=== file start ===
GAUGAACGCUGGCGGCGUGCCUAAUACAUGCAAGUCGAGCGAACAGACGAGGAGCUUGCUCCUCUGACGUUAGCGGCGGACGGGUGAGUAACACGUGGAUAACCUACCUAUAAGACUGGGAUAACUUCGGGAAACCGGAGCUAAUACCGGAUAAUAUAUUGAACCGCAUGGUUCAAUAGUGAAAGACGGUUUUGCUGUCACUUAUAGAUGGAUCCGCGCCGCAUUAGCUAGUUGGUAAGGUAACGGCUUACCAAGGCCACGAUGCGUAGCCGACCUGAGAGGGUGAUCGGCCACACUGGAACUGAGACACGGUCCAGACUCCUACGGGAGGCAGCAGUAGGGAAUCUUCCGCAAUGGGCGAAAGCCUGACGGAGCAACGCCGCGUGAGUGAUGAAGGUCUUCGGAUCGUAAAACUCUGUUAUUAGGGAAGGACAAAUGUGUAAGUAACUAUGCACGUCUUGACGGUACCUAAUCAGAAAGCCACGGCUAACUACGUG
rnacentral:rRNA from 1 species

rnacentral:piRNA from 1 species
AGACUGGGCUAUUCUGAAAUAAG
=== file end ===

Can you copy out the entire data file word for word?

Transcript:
GAUGAACGCUGGCGGCGUGCCUAAUACAUGCAAGUCGAGCGAACAGACGAGGAGCUUGCUCCUCUGACGUUAGCGGCGGACGGGUGAGUAACACGUGGAUAACCUACCUAUAAGACUGGGAUAACUUCGGGAAACCGGAGCUAAUACCGGAUAAUAUAUUGAACCGCAUGGUUCAAUAGUGAAAGACGGUUUUGCUGUCACUUAUAGAUGGAUCCGCGCCGCAUUAGCUAGUUGGUAAGGUAACGGCUUACCAAGGCCACGAUGCGUAGCCGACCUGAGAGGGUGAUCGGCCACACUGGAACUGAGACACGGUCCAGACUCCUACGGGAGGCAGCAGUAGGGAAUCUUCCGCAAUGGGCGAAAGCCUGACGGAGCAACGCCGCGUGAGUGAUGAAGGUCUUCGGAUCGUAAAACUCUGUUAUUAGGGAAGGACAAAUGUGUAAGUAACUAUGCACGUCUUGACGGUACCUAAUCAGAAAGCCACGGCUAACUACGUG
rnacentral:rRNA from 1 species

rnacentral:piRNA from 1 species
AGACUGGGCUAUUCUGAAAUAAG